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Ninth Circuit Revives Fight Over Mining Plans in Pristine Alaskan Bay

A developer set its sights on a piece of pristine Alaskan wilderness for a proposed mining operation --- plans that have stalled in recent months.

(CN) --- Home to the greatest wild salmon fisheries in the world, Bristol Bay in southwest Alaska also lies near prized natural resources long sought by a mining enterprise. To protect the pristine Alaskan frontier, the Obama administration's U.S. Environmental Protection Agency sought to restrict a proposed mining operation in 2014 --- a move later dumped by the Trump administration.

Conservationists sued, but a federal judge found the Trump EPA's decision unreviewable and dismissed the case.

On Thursday, a Ninth Circuit panel ordered the case remanded to determine if the EPA’s about-face was “arbitrary, capricious, an abuse of discretion, or contrary” to federal law.

The legal history surrounding this pristine slice of Alaskan wilderness stretches back to 2014, when the EPA announced it would seek to restrict mining operations in Bristol Bay under the authority of the Clean Water Act. The proposed Pebble Mine operation would extract copper, gold and other minerals and would be the largest of its kind in North America. The operation’s toxic waste pits could sit at the headwaters to Bristol Bay, and any type of collapse would likely contaminate the region’s watershed.

But in 2019 the Trump EPA withdrew its proposed determination. Several lawsuits followed including a complaint filed by Trout Unlimited, a nonprofit advocacy group, in the District of Alaska. The group challenged the agency's withdrawal decision as a violation of the Clean Water Act and the implementing regulations.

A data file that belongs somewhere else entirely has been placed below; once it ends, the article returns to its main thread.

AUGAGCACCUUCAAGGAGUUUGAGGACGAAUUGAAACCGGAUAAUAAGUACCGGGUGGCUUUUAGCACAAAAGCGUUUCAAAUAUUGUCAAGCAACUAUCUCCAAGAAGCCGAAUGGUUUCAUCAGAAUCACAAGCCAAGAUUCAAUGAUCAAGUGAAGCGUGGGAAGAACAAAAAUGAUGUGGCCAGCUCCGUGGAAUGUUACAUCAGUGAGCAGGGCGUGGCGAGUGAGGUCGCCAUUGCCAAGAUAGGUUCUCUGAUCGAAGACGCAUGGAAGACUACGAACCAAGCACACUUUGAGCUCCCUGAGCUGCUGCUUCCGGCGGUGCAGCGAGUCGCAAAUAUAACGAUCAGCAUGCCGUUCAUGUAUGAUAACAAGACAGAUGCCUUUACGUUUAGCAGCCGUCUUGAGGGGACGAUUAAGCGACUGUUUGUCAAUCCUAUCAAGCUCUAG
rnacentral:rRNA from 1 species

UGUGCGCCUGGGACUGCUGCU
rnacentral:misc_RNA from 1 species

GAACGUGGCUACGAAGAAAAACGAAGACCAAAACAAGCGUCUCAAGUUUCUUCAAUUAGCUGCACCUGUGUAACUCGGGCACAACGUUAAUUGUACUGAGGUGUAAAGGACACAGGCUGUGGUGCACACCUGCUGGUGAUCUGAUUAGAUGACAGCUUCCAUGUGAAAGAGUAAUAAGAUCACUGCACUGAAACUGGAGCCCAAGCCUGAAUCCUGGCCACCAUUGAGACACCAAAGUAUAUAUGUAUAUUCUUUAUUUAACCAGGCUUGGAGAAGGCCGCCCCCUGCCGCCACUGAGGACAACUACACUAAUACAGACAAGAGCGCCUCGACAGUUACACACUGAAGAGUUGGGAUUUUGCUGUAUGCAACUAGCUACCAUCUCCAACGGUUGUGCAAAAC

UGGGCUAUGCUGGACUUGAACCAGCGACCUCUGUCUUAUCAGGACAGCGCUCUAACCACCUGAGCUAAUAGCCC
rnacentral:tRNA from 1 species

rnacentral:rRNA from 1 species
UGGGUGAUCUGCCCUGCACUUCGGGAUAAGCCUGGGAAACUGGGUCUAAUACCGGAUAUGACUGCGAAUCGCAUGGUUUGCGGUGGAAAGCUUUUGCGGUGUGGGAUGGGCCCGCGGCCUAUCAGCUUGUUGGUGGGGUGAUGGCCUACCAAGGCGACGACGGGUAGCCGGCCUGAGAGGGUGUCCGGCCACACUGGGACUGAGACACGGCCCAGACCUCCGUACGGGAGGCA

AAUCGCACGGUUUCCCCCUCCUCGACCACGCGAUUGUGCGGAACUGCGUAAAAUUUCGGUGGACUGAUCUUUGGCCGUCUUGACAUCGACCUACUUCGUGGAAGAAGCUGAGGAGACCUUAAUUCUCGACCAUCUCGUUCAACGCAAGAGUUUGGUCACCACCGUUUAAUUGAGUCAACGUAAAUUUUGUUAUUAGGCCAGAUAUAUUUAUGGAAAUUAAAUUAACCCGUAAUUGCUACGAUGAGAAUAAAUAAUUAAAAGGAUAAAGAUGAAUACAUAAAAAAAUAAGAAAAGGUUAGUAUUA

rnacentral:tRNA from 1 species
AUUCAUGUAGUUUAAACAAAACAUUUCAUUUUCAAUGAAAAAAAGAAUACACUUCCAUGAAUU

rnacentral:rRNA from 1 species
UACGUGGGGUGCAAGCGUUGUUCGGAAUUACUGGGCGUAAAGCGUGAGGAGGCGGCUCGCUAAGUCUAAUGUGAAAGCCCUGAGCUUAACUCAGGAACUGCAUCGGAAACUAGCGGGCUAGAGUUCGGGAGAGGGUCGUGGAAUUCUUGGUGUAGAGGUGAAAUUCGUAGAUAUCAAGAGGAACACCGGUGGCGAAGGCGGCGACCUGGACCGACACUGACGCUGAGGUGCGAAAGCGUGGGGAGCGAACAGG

U.S. District Judge Sharon Gleason, a Barack Obama appointee, found the EPA’s decision unreviewable because it fell outside the Clean Water Act and the EPA’s own regulations. Gleason dismissed Trout Unlimited’s case and the group appealed.

“The sole question before us is whether the EPA’s withdrawal of its proposed determination is reviewable,” wrote U.S. Circuit Judge Susan Graber, a Bill Clinton appointee, for the majority.

The EPA’s withdrawal decision followed numerous public meetings and over two million public comments. The formal reason for the withdrawal centered on the agency receiving more information than it had in 2014. The EPA said under the Clean Water Act, the agency’s administrators can determine whether an area is suitable to be a disposal site after public input.

“The statute clearly conveys broad discretion on the administrator,” Graber wrote, referring to the EPA's chief. “The administrator ‘is authorized,’ but not required, to restrict an area.”

Graber said "nothing in the statute constrains the administrator’s discretion to initiate a public notice and comment period or, ultimately, to decline to invoke his or her” authority under the Clean Water Act.

The panel lacks jurisdiction to review whether the Trump EPA’s administrator abused their discretion by declining to exercise their authority and the statute grants “unfettered discretion to that official," Graber wrote. Considering the plethora of geographical areas that an EPA administrator conceivably could weigh in on, it stands to reason that fielding numerous legal challenges would overwhelm the agency and clog up the courts in the name of protecting the nation’s waters.